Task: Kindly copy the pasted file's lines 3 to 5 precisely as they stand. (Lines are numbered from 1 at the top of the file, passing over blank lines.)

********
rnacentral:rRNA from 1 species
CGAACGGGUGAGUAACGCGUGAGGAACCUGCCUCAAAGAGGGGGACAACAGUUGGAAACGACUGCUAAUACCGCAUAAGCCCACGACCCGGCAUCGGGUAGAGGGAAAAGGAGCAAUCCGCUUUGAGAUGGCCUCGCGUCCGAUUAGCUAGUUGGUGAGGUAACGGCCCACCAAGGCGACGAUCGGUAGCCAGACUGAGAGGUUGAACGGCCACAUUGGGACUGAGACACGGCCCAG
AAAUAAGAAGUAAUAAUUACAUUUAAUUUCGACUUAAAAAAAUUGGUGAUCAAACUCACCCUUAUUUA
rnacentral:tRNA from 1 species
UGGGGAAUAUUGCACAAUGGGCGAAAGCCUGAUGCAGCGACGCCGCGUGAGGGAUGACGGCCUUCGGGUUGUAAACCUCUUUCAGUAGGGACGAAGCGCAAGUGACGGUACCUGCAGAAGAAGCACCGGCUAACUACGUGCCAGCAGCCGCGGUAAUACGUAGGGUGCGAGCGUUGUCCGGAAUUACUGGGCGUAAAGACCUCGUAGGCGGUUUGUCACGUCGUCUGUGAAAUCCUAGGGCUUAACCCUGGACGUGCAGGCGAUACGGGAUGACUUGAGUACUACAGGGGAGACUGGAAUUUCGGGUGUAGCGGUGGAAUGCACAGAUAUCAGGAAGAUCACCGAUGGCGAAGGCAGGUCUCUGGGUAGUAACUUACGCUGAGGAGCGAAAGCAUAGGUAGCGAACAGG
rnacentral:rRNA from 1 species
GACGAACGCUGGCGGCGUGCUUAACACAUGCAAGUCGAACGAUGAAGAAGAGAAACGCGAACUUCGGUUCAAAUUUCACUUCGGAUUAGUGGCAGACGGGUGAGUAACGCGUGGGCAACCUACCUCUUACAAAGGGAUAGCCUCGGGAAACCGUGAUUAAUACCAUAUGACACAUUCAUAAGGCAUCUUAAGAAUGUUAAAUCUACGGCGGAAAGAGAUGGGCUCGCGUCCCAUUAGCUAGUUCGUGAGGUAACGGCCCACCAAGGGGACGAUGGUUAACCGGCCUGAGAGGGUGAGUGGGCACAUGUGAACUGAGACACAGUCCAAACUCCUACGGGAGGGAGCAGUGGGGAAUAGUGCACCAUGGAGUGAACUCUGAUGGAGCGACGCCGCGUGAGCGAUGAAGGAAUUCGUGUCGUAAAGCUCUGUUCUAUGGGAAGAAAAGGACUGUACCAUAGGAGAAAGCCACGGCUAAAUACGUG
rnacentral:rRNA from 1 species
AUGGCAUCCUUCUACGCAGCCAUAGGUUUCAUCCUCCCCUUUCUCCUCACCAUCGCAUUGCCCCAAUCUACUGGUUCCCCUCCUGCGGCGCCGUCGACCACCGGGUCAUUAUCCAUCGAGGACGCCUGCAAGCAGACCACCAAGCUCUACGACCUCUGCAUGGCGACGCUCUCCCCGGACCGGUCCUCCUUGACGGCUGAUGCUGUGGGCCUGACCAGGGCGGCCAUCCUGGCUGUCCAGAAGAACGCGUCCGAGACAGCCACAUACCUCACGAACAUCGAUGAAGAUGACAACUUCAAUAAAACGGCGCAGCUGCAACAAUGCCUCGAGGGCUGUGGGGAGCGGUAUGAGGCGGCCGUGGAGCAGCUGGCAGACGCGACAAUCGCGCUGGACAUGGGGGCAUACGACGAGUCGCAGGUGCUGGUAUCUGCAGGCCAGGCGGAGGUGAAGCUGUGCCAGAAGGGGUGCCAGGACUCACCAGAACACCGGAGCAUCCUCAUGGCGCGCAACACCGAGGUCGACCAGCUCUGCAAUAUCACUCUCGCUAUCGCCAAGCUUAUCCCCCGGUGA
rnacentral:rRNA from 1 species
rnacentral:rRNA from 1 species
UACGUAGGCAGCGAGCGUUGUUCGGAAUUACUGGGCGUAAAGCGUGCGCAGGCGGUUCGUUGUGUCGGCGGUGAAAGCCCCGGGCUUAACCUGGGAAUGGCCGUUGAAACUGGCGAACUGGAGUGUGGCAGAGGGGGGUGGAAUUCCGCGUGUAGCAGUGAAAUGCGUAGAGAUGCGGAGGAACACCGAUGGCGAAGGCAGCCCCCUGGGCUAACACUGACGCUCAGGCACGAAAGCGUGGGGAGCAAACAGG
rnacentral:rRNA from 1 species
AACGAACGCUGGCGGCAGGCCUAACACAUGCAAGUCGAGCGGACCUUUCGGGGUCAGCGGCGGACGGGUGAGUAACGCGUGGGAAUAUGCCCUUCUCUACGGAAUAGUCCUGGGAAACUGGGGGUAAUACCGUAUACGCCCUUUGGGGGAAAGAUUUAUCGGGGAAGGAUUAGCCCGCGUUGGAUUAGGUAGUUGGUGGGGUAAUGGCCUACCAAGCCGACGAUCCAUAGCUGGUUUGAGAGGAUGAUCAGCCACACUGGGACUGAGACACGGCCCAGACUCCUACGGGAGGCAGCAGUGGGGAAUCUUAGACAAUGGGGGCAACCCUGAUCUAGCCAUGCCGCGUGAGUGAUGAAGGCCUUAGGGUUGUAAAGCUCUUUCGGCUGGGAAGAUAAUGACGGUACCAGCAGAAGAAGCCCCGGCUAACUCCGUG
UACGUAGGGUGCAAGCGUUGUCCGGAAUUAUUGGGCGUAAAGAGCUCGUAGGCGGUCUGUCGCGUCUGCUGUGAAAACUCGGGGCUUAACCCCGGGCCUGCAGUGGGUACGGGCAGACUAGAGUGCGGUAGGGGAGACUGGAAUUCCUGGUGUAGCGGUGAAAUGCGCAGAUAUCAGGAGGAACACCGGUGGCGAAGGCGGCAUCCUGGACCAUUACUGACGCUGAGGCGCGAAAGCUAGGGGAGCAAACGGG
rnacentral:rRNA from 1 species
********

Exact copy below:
AAAUAAGAAGUAAUAAUUACAUUUAAUUUCGACUUAAAAAAAUUGGUGAUCAAACUCACCCUUAUUUA
rnacentral:tRNA from 1 species
UGGGGAAUAUUGCACAAUGGGCGAAAGCCUGAUGCAGCGACGCCGCGUGAGGGAUGACGGCCUUCGGGUUGUAAACCUCUUUCAGUAGGGACGAAGCGCAAGUGACGGUACCUGCAGAAGAAGCACCGGCUAACUACGUGCCAGCAGCCGCGGUAAUACGUAGGGUGCGAGCGUUGUCCGGAAUUACUGGGCGUAAAGACCUCGUAGGCGGUUUGUCACGUCGUCUGUGAAAUCCUAGGGCUUAACCCUGGACGUGCAGGCGAUACGGGAUGACUUGAGUACUACAGGGGAGACUGGAAUUUCGGGUGUAGCGGUGGAAUGCACAGAUAUCAGGAAGAUCACCGAUGGCGAAGGCAGGUCUCUGGGUAGUAACUUACGCUGAGGAGCGAAAGCAUAGGUAGCGAACAGG